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Politics
Bill calls for tribal consultation on BIA budget


The Interior Department's budget process for Indian programs is due for a major overhaul under an appropriations bill making its way through Congress.

Department officials have already changed how they handle the Bureau of Indian Affairs budget. House lawmakers welcomed the "badly needed" improvements but they also inserted language in Interior's 2006 appropriations bill that criticized the Bush administration for its "inadequate consultation" of tribes.

To correct the oversight, the bill directs the BIA to work closely with tribes to develop an alternative budget structure. The goal is to provide "full transparency" for tribal priority allocation (TPA) funds that tribes use for their daily operations and to "clearly" show how funds for the central and regional offices of the BIA are being used.

To make the process more open, the BIA is also being directed to create a comprehensive website that contains all the relevant budget information. The Office of Special Trustee, whose budget has exploded since the start of the Bush administration, would be included in the site as well.

Although the bill has yet to be taken up by the Senate, the House is calling for speedy action on its recommendations. A progress report would be due by October and a final report "for consulting tribes and tribal leaders on administrative, funding, and operational changes to programs and projects" would be due by the end of the year. The new budget structure should be implemented in time for the 2007 budget, the bill said.

The language reflects concern among tribal leaders that their views are being ignored when it comes to the preparation and development of the BIA and OST budget. "The government-to-government relationship between the United States and Indian tribes has become very meaningless," said Ed Thomas, a prominent Alaska Native leader who has served on the BIA's tribal budget committee, at a Congressional hearing last week.

"They bring us in and we talk about the budget and really nothing happens," added Thomas, who is president of the Central Council of Tlingit and Haida Tribes. "No consultation happens in my part of the country at all on these issues."

Tribes have slammed the 2006 budget, which was released in February, as highly inadequate. The Bush administration slashed Indian housing, education and social service funds at the BIA and other agencies while giving yet another boost to the OST.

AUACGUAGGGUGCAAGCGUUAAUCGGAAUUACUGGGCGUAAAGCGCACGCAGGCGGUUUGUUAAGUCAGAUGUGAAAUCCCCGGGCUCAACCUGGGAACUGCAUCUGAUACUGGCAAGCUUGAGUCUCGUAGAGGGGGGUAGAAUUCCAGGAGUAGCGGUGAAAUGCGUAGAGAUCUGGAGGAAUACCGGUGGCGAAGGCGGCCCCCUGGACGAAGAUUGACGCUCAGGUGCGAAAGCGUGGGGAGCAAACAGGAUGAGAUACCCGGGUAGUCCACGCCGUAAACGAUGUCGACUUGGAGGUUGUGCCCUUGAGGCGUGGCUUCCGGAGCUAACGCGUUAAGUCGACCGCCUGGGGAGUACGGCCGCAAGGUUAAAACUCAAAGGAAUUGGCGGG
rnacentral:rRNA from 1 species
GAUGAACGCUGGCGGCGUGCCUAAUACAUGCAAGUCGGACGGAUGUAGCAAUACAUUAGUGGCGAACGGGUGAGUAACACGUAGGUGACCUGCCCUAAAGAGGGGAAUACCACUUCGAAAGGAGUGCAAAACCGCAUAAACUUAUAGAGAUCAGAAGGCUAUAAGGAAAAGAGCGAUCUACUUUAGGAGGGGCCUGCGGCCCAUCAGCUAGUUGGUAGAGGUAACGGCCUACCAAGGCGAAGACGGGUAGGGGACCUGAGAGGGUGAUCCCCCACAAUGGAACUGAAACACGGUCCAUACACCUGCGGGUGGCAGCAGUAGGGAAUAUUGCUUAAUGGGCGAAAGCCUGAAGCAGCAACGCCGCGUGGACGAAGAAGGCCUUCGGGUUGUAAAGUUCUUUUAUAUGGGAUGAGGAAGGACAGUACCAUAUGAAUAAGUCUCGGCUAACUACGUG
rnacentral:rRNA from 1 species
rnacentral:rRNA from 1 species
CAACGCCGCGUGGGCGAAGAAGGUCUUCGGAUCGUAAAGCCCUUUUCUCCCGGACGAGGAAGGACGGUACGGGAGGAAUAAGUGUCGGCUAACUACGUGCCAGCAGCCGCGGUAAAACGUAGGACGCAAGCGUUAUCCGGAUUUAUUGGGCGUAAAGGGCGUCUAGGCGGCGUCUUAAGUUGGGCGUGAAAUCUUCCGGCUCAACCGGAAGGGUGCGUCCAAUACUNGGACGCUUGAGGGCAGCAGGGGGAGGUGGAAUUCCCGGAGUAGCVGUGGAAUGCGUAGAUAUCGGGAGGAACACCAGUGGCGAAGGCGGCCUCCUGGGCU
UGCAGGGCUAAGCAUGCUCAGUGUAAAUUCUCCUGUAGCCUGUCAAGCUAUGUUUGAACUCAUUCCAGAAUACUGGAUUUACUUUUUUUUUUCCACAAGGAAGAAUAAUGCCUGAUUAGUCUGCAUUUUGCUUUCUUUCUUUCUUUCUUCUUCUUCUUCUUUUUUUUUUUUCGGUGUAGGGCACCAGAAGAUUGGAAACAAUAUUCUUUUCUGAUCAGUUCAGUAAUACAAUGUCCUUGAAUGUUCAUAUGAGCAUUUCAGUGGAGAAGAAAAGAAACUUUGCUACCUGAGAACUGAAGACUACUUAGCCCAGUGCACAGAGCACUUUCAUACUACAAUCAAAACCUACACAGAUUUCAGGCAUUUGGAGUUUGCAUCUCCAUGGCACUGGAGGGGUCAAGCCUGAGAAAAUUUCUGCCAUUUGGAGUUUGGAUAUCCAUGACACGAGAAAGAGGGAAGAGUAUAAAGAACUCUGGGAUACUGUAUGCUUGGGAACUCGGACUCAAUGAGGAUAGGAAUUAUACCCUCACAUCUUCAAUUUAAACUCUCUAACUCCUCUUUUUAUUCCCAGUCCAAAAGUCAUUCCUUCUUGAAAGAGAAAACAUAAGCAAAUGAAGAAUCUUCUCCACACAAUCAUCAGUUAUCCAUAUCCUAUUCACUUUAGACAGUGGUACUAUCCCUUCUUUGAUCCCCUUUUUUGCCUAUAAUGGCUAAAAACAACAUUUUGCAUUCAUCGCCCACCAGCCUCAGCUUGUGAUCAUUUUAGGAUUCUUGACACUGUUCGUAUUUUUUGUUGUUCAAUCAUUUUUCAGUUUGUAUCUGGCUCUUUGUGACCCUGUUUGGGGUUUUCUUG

House appropriators reacted by restoring money to programs like welfare assistance, Johnson O'Malley education grants and fire protection -- all of which had been cut by the White House. "The committee feels that the justification for the reductions -- that there are other programs in the government that could provide these funds -- is completely unfounded," the report accompany the bill stated. "The budget request provided no information to support claims that other funding sources are readily available to offset the reductions in this budget."

Other language in the bill, which passed the House by a vote of 329-89 on May 19, directs the BIA not to use law enforcement money for administrative expenses at the regional or central office level. A report on this spending would be due by the end of the year.

Separately, the bill requested a General Accountability Office (GAO) study on the land-into-trust process. A report would be due by May 2006.

The budget-related language of the report reads:
The Committee agrees with the Bureau that an alternative budget structure for the operation of Indian programs is badly needed. The current budget structure is confusing and complex and offers little opportunity to review funding levels and assess performance on a programmatic level. However, the Committee is concerned that there was inadequate consultation with Tribes when preparing this new budget structure. The Committee is also concerned that the process of making budgetary data available to Tribes is inadequate.

The Committee directs the Bureau to do the following:

1. Consult with Tribal leaders on an alternative budget structure that is: (1) aligned programmatically, (2) provides full transparency for Tribal priority allocations funding, (3) increases accountability for Bureau programs and program managers, and (4) clearly delineates funding levels of the central and regional offices. The Committee expects a progress report by October 31, 2005. The Committee directs the Bureau to submit a revised budget structure as a part of the fiscal year 2007 budget justification.

2. Develop an internet website, hosted by the Office of the Secretary, that: (1) allows Tribes to access Bureau of Indian Affairs and Office of Special Trustee budget information, (2) displays the distribution of funding that affects Indian country, and (3) contains information and links to all Federal grant programs that provide funding for Indian country.

3. Submit a report, by December 31, 2005, outlining the Bureau of Indian Affairs current process for consulting Tribes and Tribal leaders on administrative, funding, and operational changes to programs and projects.

2006 Interior Appropriations Bill:
H.R.2361 | House Report 109-080

FY 2006 Funding Levels:
Subcommittee Reports FY06 Interior Appropriations Bill (May 4, 2005)

Senate Indian Affairs Committee Letter:
FY 2006 Views and Estimates (February 28, 2005)

Budget Documents:
DOI Budget in Brief | Trust Responsibilities | Tribal Communities | Bureau of Indian Affairs | Departmental Offices [includes Office of Special Trustee] | DOI [from White House]